Week 3 Blog Post

After now watching two films in this class, I think the point being made by the film selection is obvious. It shows how two separate movies with similar themes and motifs can actually be completely different because of the form they are made through. The message present in both films is the struggle of poverty, and how to cope with it. However, each film tackles a different approach, that stem off of each different respective genre (science fiction versus comedy) to send this message. The opening of Modern Times instantly creates formal expectations for something funny, while Metropolis opens with lavish sets and costumes, indicating science fiction.

Modern Times I think best shows what Charlie Chaplin was all about. It really shows Chaplin as a master director and comedian, and in particular, shows his mastery of expectations, and referential meaning. For example, many times throughout the film, a character or setting or object would be introduced, and instantly the audience is set up to expect some kind of Chaplin slapstick humor from it. When Chaplin starts working as a mechanic’s assistant, the audience is introduced to the factory where he works. One can easily see the confusing and dangerous machinery he is working with, and can assume that these machines might harm some of the characters later, and create the slapstick humor. The same can be said about the barrels of wine and the roller-skates in the department store, and the beaten up shack that is compared to a “palace”.

Chaplin also uses a ton of referential and implied meaning. For example the “sugar” that he accidentally ingests is a reference to cocaine, and the audience only laughs if they are familiar with that reference. Chaplin uses implied meaning when his character and the orphan character walk on the road at the end of the movie. The ending shows the two main characters laughing and happy after just losing their jobs, and the director implies that in their quest for job stability, they have found something much more important: happiness.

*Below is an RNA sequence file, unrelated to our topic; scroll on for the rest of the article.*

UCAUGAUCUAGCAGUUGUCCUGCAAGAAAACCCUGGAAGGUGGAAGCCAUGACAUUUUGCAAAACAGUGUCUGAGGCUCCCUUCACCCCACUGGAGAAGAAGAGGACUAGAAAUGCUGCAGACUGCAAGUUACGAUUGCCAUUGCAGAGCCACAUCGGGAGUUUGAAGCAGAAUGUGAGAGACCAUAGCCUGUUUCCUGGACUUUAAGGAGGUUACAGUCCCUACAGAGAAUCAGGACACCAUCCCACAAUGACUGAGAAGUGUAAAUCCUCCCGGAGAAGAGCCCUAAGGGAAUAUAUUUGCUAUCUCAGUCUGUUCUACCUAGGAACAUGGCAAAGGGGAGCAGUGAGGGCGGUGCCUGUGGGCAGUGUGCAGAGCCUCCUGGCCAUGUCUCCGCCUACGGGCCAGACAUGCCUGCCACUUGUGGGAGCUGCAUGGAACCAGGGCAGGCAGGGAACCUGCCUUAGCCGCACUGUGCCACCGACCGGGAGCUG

2 thoughts on “Week 3 Blog Post

  1. Interesting commentary on the similarities and differences between Metropolis and Modern Times… I also think that Modern Times and Sherlock Jr. are good candidates for comparison as well. Though the latter doesn’t fall into the “economic downturn” theme so much as the first two do, I feel that Sherlock Jr. and Modern Times are very similar in the way that they overturn our expectations. Several times throughout both films, the audience is set up to expect an outcome, such as The Tramp and his lady finally getting a house in Modern Times, or the #13 pool ball to explode in Sherlock Jr., but almost every time, the outcome is not quite what we expect. Metropolis, on the other hand, did not seem to focus on trying to confuse our expectations. I found it easier to anticipate what would happen in that film as opposed to Modern Times or Sherlock Jr.

  2. Once again, Modern Times really does seem to play with expectations. There is barely any you can expect from the comedy, except that you know something will go wrong or different that you had originally thought it was going to be.

    I had read an earlier post about Charlie Chaplin being the black sheep and I wanted to bring that topic into this since it seems that we are talking about Chaplin’s humor. The whole basis of the comedy is the failures and successes of the Tramp. He is the black sheep that is forced to move with the crowd of white sheep, as used in the beginning shot. This creates the light hearted humor that is in the film, but also there is a deep meaning behind each scene and object. That is what makes this film so amazing, that there is such depth that watching it once or twice just is not enough!

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